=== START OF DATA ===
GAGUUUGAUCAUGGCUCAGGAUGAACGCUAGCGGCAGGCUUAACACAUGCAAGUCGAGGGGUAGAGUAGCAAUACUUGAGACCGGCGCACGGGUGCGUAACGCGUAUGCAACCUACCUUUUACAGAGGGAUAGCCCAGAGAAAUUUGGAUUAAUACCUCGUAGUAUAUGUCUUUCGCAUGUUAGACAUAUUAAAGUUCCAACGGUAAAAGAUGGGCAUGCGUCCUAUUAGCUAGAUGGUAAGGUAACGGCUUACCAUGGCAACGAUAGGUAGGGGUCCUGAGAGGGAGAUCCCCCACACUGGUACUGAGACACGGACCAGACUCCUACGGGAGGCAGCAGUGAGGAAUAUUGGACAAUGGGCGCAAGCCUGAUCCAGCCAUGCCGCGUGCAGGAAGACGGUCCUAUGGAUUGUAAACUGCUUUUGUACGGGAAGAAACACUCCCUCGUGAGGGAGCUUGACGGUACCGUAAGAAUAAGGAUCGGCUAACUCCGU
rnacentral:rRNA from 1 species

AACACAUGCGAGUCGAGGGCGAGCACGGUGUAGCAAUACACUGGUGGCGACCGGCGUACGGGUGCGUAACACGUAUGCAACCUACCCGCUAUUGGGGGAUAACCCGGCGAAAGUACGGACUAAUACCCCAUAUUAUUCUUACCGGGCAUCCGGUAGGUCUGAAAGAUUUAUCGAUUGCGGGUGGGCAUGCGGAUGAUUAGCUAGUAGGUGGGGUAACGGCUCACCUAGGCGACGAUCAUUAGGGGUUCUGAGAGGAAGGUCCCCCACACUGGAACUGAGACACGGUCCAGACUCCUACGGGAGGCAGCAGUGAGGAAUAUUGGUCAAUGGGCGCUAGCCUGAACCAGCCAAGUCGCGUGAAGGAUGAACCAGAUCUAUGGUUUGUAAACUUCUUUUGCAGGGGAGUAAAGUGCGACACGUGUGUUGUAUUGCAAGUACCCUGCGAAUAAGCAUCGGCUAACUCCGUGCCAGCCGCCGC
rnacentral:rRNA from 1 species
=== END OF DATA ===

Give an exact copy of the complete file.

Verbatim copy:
GAGUUUGAUCAUGGCUCAGGAUGAACGCUAGCGGCAGGCUUAACACAUGCAAGUCGAGGGGUAGAGUAGCAAUACUUGAGACCGGCGCACGGGUGCGUAACGCGUAUGCAACCUACCUUUUACAGAGGGAUAGCCCAGAGAAAUUUGGAUUAAUACCUCGUAGUAUAUGUCUUUCGCAUGUUAGACAUAUUAAAGUUCCAACGGUAAAAGAUGGGCAUGCGUCCUAUUAGCUAGAUGGUAAGGUAACGGCUUACCAUGGCAACGAUAGGUAGGGGUCCUGAGAGGGAGAUCCCCCACACUGGUACUGAGACACGGACCAGACUCCUACGGGAGGCAGCAGUGAGGAAUAUUGGACAAUGGGCGCAAGCCUGAUCCAGCCAUGCCGCGUGCAGGAAGACGGUCCUAUGGAUUGUAAACUGCUUUUGUACGGGAAGAAACACUCCCUCGUGAGGGAGCUUGACGGUACCGUAAGAAUAAGGAUCGGCUAACUCCGU
rnacentral:rRNA from 1 species

AACACAUGCGAGUCGAGGGCGAGCACGGUGUAGCAAUACACUGGUGGCGACCGGCGUACGGGUGCGUAACACGUAUGCAACCUACCCGCUAUUGGGGGAUAACCCGGCGAAAGUACGGACUAAUACCCCAUAUUAUUCUUACCGGGCAUCCGGUAGGUCUGAAAGAUUUAUCGAUUGCGGGUGGGCAUGCGGAUGAUUAGCUAGUAGGUGGGGUAACGGCUCACCUAGGCGACGAUCAUUAGGGGUUCUGAGAGGAAGGUCCCCCACACUGGAACUGAGACACGGUCCAGACUCCUACGGGAGGCAGCAGUGAGGAAUAUUGGUCAAUGGGCGCUAGCCUGAACCAGCCAAGUCGCGUGAAGGAUGAACCAGAUCUAUGGUUUGUAAACUUCUUUUGCAGGGGAGUAAAGUGCGACACGUGUGUUGUAUUGCAAGUACCCUGCGAAUAAGCAUCGGCUAACUCCGUGCCAGCCGCCGC
rnacentral:rRNA from 1 species